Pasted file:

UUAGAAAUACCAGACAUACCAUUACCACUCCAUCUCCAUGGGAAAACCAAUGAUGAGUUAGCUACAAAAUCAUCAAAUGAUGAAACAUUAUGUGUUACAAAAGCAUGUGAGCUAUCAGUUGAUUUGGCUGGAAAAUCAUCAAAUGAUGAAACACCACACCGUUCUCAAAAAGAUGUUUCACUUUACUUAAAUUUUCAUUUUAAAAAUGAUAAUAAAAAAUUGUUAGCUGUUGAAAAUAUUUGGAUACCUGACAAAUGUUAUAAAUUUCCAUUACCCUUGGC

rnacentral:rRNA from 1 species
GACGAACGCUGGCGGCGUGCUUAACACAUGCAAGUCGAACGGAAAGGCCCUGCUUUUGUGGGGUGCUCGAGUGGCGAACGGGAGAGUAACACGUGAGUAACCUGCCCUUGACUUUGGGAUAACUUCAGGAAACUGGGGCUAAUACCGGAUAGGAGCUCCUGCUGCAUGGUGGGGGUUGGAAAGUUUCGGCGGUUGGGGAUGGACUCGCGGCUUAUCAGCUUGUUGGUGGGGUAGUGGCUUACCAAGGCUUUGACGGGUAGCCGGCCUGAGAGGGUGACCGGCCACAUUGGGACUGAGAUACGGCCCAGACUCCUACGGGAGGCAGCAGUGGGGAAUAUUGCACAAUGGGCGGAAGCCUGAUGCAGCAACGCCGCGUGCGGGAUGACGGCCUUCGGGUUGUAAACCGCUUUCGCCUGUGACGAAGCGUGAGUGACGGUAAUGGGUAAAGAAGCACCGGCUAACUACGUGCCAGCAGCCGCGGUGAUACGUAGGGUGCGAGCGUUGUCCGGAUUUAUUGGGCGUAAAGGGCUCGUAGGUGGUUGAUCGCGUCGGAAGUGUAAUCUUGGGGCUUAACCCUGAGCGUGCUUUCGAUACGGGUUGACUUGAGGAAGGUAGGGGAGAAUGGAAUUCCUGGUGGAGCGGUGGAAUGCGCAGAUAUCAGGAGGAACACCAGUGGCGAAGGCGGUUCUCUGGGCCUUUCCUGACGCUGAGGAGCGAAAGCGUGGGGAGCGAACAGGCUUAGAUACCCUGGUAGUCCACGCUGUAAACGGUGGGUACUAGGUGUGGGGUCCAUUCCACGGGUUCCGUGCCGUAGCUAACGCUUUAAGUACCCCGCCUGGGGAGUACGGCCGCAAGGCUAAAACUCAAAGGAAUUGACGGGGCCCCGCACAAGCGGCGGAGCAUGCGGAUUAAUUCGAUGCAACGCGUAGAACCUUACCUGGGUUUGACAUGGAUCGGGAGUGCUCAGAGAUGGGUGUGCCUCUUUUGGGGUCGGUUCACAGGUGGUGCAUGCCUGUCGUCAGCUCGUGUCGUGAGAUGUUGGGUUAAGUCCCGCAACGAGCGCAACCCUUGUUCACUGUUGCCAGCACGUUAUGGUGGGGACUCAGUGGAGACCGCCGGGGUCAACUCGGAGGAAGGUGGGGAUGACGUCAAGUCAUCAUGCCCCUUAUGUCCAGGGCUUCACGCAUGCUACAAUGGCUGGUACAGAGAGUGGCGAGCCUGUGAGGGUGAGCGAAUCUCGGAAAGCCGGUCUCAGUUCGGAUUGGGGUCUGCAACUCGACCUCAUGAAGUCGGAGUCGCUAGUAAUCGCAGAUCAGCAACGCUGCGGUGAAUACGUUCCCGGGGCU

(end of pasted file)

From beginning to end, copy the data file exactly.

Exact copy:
UUAGAAAUACCAGACAUACCAUUACCACUCCAUCUCCAUGGGAAAACCAAUGAUGAGUUAGCUACAAAAUCAUCAAAUGAUGAAACAUUAUGUGUUACAAAAGCAUGUGAGCUAUCAGUUGAUUUGGCUGGAAAAUCAUCAAAUGAUGAAACACCACACCGUUCUCAAAAAGAUGUUUCACUUUACUUAAAUUUUCAUUUUAAAAAUGAUAAUAAAAAAUUGUUAGCUGUUGAAAAUAUUUGGAUACCUGACAAAUGUUAUAAAUUUCCAUUACCCUUGGC

rnacentral:rRNA from 1 species
GACGAACGCUGGCGGCGUGCUUAACACAUGCAAGUCGAACGGAAAGGCCCUGCUUUUGUGGGGUGCUCGAGUGGCGAACGGGAGAGUAACACGUGAGUAACCUGCCCUUGACUUUGGGAUAACUUCAGGAAACUGGGGCUAAUACCGGAUAGGAGCUCCUGCUGCAUGGUGGGGGUUGGAAAGUUUCGGCGGUUGGGGAUGGACUCGCGGCUUAUCAGCUUGUUGGUGGGGUAGUGGCUUACCAAGGCUUUGACGGGUAGCCGGCCUGAGAGGGUGACCGGCCACAUUGGGACUGAGAUACGGCCCAGACUCCUACGGGAGGCAGCAGUGGGGAAUAUUGCACAAUGGGCGGAAGCCUGAUGCAGCAACGCCGCGUGCGGGAUGACGGCCUUCGGGUUGUAAACCGCUUUCGCCUGUGACGAAGCGUGAGUGACGGUAAUGGGUAAAGAAGCACCGGCUAACUACGUGCCAGCAGCCGCGGUGAUACGUAGGGUGCGAGCGUUGUCCGGAUUUAUUGGGCGUAAAGGGCUCGUAGGUGGUUGAUCGCGUCGGAAGUGUAAUCUUGGGGCUUAACCCUGAGCGUGCUUUCGAUACGGGUUGACUUGAGGAAGGUAGGGGAGAAUGGAAUUCCUGGUGGAGCGGUGGAAUGCGCAGAUAUCAGGAGGAACACCAGUGGCGAAGGCGGUUCUCUGGGCCUUUCCUGACGCUGAGGAGCGAAAGCGUGGGGAGCGAACAGGCUUAGAUACCCUGGUAGUCCACGCUGUAAACGGUGGGUACUAGGUGUGGGGUCCAUUCCACGGGUUCCGUGCCGUAGCUAACGCUUUAAGUACCCCGCCUGGGGAGUACGGCCGCAAGGCUAAAACUCAAAGGAAUUGACGGGGCCCCGCACAAGCGGCGGAGCAUGCGGAUUAAUUCGAUGCAACGCGUAGAACCUUACCUGGGUUUGACAUGGAUCGGGAGUGCUCAGAGAUGGGUGUGCCUCUUUUGGGGUCGGUUCACAGGUGGUGCAUGCCUGUCGUCAGCUCGUGUCGUGAGAUGUUGGGUUAAGUCCCGCAACGAGCGCAACCCUUGUUCACUGUUGCCAGCACGUUAUGGUGGGGACUCAGUGGAGACCGCCGGGGUCAACUCGGAGGAAGGUGGGGAUGACGUCAAGUCAUCAUGCCCCUUAUGUCCAGGGCUUCACGCAUGCUACAAUGGCUGGUACAGAGAGUGGCGAGCCUGUGAGGGUGAGCGAAUCUCGGAAAGCCGGUCUCAGUUCGGAUUGGGGUCUGCAACUCGACCUCAUGAAGUCGGAGUCGCUAGUAAUCGCAGAUCAGCAACGCUGCGGUGAAUACGUUCCCGGGGCU